All professional-grade programs need to handle unexpected conditions. In programming languages before Microsoft .NET, this was often called error handling. Unexpected conditions generated error codes, which were trapped by programming logic that took appropriate action.
The common language runtime in .NET does not generate error codes. When an unexpected condition occurs, the CLR creates a special object called an exception. This object contains properties and methods that describe the unexpected condition in detail and provide various items of useful information about what went wrong.
Because the .NET Framework deals with exceptions instead of errors, the term error handling is seldom used in the .NET world. Instead, the term exception handling is preferred. This term refers to the techniques used in .NET to detect exceptions and take appropriate action.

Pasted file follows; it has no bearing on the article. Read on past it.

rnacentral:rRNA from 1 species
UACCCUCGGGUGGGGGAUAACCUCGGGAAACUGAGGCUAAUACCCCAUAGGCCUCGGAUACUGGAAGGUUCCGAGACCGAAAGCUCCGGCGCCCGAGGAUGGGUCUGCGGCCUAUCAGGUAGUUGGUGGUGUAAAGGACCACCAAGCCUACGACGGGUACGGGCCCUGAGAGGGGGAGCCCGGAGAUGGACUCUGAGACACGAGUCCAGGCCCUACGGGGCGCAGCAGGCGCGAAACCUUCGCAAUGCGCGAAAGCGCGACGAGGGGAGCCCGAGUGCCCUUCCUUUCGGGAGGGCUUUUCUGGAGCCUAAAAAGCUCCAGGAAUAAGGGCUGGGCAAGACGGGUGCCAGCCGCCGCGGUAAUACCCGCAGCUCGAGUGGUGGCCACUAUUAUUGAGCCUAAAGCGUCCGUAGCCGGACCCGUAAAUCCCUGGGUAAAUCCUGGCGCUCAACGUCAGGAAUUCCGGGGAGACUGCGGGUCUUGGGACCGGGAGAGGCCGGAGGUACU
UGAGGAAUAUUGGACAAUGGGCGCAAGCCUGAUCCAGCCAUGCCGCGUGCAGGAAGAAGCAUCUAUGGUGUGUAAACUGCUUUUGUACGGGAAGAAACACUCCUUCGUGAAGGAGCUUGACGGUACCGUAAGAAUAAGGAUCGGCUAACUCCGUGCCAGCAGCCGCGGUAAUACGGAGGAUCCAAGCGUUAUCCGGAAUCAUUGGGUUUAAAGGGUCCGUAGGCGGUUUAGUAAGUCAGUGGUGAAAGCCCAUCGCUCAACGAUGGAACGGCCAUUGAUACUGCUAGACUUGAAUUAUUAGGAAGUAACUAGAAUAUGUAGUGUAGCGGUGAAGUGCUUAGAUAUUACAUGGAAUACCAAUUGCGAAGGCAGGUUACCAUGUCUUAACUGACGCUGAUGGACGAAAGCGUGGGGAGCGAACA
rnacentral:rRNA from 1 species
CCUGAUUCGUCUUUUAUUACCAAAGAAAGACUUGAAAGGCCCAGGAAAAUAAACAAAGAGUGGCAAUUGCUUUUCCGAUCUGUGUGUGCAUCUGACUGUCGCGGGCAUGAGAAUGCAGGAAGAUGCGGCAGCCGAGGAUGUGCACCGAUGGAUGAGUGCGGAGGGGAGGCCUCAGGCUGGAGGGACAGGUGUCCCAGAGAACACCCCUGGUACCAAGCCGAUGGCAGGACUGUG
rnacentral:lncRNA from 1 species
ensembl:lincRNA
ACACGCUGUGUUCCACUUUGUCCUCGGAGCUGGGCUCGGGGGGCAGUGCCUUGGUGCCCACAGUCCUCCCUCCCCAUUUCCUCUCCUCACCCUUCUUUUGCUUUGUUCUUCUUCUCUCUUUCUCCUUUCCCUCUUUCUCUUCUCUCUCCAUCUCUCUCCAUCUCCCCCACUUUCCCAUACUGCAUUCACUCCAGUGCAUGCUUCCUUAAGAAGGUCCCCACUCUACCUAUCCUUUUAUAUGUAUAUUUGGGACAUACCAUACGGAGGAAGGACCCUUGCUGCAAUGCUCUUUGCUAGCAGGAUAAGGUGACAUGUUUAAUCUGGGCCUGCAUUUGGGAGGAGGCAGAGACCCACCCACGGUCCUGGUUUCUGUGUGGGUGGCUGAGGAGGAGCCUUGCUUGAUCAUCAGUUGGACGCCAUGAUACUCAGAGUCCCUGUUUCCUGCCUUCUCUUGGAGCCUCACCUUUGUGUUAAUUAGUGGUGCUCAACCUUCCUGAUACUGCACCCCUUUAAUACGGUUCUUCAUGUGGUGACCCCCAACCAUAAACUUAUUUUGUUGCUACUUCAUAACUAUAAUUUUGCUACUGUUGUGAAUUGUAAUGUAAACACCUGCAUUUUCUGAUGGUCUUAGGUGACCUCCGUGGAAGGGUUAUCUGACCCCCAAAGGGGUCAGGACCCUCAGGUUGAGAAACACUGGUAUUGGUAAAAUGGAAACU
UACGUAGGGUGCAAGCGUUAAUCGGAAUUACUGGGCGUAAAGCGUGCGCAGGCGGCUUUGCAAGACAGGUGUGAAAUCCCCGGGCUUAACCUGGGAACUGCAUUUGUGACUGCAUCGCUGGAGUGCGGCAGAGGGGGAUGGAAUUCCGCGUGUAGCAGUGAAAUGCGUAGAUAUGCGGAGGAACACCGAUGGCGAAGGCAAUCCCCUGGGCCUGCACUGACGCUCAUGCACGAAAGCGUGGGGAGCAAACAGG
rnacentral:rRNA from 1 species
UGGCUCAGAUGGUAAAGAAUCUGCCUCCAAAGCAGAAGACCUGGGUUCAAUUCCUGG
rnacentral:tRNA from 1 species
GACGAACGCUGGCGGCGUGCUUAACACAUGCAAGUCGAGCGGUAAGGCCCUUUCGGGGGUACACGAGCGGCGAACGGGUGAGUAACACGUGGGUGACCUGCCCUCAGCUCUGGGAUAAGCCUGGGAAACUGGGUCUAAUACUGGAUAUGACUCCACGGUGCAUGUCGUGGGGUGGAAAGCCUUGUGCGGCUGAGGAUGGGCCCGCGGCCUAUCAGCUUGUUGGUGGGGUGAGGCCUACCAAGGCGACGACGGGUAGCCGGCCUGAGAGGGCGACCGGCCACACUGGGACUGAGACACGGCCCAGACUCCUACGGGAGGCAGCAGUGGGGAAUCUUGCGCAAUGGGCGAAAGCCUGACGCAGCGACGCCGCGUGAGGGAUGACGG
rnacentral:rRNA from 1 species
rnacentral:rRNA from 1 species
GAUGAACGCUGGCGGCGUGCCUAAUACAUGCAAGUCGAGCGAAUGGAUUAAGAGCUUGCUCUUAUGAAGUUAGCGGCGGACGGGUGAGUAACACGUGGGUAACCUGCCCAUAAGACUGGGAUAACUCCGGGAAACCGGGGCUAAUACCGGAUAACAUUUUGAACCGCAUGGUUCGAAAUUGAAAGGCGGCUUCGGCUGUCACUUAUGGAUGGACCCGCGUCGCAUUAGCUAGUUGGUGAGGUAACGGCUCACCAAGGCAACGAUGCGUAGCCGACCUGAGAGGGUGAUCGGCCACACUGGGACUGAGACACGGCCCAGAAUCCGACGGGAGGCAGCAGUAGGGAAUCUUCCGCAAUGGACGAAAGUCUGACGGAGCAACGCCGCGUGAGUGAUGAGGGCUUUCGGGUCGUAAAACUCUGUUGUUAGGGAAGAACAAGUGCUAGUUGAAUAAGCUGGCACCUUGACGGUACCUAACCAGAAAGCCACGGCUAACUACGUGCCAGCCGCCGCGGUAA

This chapter covers how exception handling works in Visual Basic 2008. It discusses the common language runtime (CLR) exception handler in detail and the programming methods that are most efficient in catching errors. Specifically, it covers the following:
A very brief overview of error handling in Visual Basic 6 (VB6), for those just moving to .NET
The general principles behind exception handling
Finally structure, the
Exit Try statement, and nested
The exception object's methods and properties
Capabilities in Visual Studio for working with exceptions
Error and ...